Digital Extremes’ first free-to-play game has grown exponentially in its first two weeks.
The sci-fi free-to-play game Warframe attracted over 1 million players spanning 100+ countries worldwide in less than two weeks after its Open Beta started the week of March 18th. Currently available on PC and Steam, an astounding number of gamers have discovered the highly stylized space-ninja'action game developed by Digital Extremes.
Warframe has been gaining momentum as the next gen free-to-play title to watch since October when its Closed Beta began. Bringing a AAA quality gaming experience to the F2P market has been one of the goals for the development team from the outset. Between the impressive graphics, solid fine-tuned gameplay and regular content and feature updates, Warframe has more than exceeded fan and team expectations to date.
Attributing to its quick success, Digital Extremes has viewed the emerging F2P segment as a true opportunity to reconnect directly with gamers. Maintaining development transparency and regular interaction with its community is part of the team's design philosophy that has truly paid off in establishing a solid, loyal fan base that is growing in droves alongside the game. Warframe is currently in Open Beta and available on PC and Steam. Visit www.warframe.com to register for an account and play the game for free.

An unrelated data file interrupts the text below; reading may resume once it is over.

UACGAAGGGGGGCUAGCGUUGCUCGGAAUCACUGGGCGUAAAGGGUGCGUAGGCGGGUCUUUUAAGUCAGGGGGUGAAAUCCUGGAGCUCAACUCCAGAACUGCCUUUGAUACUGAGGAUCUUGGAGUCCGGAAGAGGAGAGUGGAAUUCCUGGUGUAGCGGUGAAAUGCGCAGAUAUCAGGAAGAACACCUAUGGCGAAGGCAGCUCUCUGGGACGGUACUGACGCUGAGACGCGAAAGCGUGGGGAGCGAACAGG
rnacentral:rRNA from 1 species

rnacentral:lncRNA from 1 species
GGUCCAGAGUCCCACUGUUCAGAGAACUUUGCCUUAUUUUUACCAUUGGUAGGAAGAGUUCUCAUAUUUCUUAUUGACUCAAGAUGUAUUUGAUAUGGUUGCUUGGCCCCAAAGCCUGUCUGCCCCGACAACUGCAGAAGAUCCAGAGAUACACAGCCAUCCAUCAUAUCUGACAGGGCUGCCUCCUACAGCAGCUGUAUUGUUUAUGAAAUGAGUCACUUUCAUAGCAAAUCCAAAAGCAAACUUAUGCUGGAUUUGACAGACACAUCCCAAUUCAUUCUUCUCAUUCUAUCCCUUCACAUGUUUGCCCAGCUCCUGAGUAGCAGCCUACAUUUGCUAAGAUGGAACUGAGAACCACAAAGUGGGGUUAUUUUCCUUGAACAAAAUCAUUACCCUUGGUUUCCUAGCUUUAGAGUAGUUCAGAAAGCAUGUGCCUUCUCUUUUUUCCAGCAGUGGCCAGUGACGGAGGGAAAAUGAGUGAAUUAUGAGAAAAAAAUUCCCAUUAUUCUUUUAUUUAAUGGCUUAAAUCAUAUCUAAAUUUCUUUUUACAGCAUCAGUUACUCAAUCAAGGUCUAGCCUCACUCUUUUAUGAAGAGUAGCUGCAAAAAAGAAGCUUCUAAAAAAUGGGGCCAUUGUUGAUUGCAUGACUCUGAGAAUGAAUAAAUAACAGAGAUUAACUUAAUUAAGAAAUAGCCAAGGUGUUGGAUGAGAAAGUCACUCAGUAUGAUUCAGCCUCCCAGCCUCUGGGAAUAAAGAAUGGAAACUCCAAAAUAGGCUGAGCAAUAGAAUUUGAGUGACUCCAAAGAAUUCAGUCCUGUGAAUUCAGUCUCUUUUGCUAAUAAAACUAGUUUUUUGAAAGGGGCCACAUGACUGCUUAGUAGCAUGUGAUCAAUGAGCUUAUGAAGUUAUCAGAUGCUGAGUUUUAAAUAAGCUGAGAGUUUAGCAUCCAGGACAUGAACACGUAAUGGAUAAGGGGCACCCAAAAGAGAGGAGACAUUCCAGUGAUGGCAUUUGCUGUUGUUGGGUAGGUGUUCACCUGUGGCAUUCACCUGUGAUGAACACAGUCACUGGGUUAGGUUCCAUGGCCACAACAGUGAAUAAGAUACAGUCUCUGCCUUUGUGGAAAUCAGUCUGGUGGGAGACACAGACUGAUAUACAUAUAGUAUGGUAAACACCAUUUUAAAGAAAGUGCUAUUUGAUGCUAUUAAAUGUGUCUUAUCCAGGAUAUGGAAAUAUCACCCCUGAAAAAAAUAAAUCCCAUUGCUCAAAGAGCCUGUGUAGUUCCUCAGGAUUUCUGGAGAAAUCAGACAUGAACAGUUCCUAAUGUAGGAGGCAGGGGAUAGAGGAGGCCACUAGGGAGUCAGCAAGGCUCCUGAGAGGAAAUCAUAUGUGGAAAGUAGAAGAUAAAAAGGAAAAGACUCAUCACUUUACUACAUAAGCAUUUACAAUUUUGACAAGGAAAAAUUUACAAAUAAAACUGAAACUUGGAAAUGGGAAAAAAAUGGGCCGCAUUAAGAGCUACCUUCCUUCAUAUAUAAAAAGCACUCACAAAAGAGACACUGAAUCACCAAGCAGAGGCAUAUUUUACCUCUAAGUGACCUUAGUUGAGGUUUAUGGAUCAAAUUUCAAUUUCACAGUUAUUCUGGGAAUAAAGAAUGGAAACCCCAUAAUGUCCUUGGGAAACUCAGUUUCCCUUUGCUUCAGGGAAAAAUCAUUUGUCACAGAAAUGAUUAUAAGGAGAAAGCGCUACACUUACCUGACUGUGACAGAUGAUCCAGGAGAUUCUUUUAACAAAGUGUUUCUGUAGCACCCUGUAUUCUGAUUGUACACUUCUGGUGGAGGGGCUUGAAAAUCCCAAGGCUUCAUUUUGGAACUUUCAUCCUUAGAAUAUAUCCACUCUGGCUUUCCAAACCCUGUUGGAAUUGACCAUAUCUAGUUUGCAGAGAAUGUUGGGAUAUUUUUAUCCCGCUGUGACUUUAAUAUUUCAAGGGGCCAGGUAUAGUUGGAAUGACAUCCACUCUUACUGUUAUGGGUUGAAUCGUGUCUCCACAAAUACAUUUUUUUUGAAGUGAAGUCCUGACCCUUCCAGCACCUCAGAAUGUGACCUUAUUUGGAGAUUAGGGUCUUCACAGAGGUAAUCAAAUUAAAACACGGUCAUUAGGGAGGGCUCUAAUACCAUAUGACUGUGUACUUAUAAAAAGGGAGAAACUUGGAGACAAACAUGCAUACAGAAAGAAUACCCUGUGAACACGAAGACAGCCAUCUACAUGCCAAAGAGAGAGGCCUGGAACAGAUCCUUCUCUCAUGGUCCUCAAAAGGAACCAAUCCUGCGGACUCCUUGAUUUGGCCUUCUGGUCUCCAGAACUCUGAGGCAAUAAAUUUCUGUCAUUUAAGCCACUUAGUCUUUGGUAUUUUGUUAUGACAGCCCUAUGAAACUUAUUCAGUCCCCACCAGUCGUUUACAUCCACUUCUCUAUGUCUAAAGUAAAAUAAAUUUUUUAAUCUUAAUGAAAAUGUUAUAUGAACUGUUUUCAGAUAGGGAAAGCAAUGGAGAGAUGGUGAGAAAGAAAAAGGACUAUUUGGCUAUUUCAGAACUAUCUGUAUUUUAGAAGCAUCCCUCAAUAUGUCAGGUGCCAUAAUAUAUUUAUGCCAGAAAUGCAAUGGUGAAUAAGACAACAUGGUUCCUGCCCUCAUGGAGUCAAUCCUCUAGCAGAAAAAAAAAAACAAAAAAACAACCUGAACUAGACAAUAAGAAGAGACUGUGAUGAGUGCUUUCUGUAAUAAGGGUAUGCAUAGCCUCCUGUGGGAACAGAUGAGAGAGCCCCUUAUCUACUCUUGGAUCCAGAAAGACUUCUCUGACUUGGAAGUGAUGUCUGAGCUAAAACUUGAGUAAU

Founded in 1993 by James Schmalz, Digital Extremes ranks as one of the world's top independent development studios in the interactive entertainment industry. The Canadian-based developer has a rich history in developing some of the industry's top first-person shooter and action games. Originating with the co-creation of Epic Games' multi-million unit selling Unreal franchise including Unreal, Unreal Tournament - and all its iterations -- and continuing with such hits as Dark Sector, BioShock for the PlayStation3 and the multi-player campaign of BioShock 2.
Most recently, Digital Extremes earned critical acclaim for the development of first-person shooter, The Darkness II, based on the comic book series of the same name and the use of its proprietary technology, the Evolution Engine. The studio also created Star Trek: The Video Game for Paramount and Namco Bandai.